EGU General Assembly 2020
© Author(s) 2021. This work is distributed under
the Creative Commons Attribution 4.0 License.

Satellite observations of cirrus clouds in the lower stratosphere

Ling Zou1,2, Sabine Griessbach1, Lars Hoffmann1, Bing Gong1, and Lunche Wang2
Ling Zou et al.
  • 1Jülich Supercomputing Centre, Forschungszentrum Jülich, Jülich, Germany
  • 2Hubei Key Laboratory of Critical Zone Evolution, School of Geography and Information Engineering, China University of Geosciences, Wuhan, China

While cirrus cloud are frequently observed by ground-based lidars in the lowermost stratosphere, evidence from satellite observations is less conclusive. Following previous studies, we extracted information on stratospheric cirrus clouds from the latest version of Cloud-Aerosol Lidar and Infrared Pathfinder Satellite Observations (CALIPSO) data (V4) and the Michelson Interferometer for Passive Atmospheric Sounding (MIPAS) data to investigate their global distribution and occurrence frequencies. The detection of stratospheric cirrus with MIPAS is particularly challenging because of the broad field-of-view of the instrument and presented here for the first time.

For the identification of stratospheric cirrus clouds, precise information on both, the cloud top height (CTH) and the tropopause height are crucial. The tropopause heights we derived from ERA-Interim using the WMO criterion for the first thermal tropopause. As tropopause from ERA-Interim show ~0.3km bias with GPS data and CALIPSO data are reported on a ~0.2 km vertical grid, we considered cirrus clouds with CTHs 0.5 km above the tropopause as being stratospheric. We focus on nighttime CALIPSO measurements because of their higher sensitivity. MIPAS measurements are known to overestimate CTHs of optically thick clouds and underestimate the CTHs of optically thin clouds. For the detection of stratospheric cirrus, we started 0.75 km above the tropopause, which is the average CTH overestimation by MIPAS found in previous studies. The comparison with the CALIPSO statistics showed that in the tropics the MIPAS stratospheric cirrus cloud occurrence frequency were slightly larger than for CALIPSO. Assuming that this is due to MIPAS overestimating the CTH, for MIPAS we increased the minimum distance of the CTH to the tropopause until the occurrence frequencies of both measurements agreed.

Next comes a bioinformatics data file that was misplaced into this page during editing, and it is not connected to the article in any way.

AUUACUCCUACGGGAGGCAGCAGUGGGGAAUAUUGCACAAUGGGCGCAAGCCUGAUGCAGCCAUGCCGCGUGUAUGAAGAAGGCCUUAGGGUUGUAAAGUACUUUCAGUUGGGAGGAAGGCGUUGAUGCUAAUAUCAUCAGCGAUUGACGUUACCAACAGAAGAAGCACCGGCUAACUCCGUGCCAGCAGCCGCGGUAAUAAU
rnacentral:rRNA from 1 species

In the tropics, a four-year mean global analysis of stratospheric cirrus clouds from CALIPSO showed high occurrence frequencies (max. >32%) over the western Pacific Ocean, South Africa, and South America. Stratospheric cirrus clouds were more often detected in December-February than June-August in the tropics. At middle (40-60°) and higher latitudes (>60°), CALIPSO observed about 2% stratospheric cirrus clouds. MIPAS observed about twice as many stratospheric cirrus clouds at northern middle latitudes (>3%) and southern middle latitudes (4%). The maximum differences of nighttime stratospheric cirrus clouds between MIPAS and CALIPSO data were 4-6% over the northern Pacific and 6-8% over the Drake Passage.

Further sensitivity tests with higher average distance to the tropopause for MIPAS resulted in lower occurrence frequencies at middle latitudes. However, they were still larger than the occurrence frequencies derived from CALIPSO data. Hence, we consider the finding of higher stratospheric cirrus cloud occurrence frequencies at middle latitudes by MIPAS as robust. One possible explanation for MIPAS finding more stratospheric cirrus clouds at middle latitudes is that MIPAS is more sensitive towards thin cirrus clouds than CALIPSO (nighttime measurements), because of the satellite limb measurement geometry.

How to cite: Zou, L., Griessbach, S., Hoffmann, L., Gong, B., and Wang, L.: Satellite observations of cirrus clouds in the lower stratosphere, EGU General Assembly 2020, Online, 4–8 May 2020, EGU2020-8953,, 2020.


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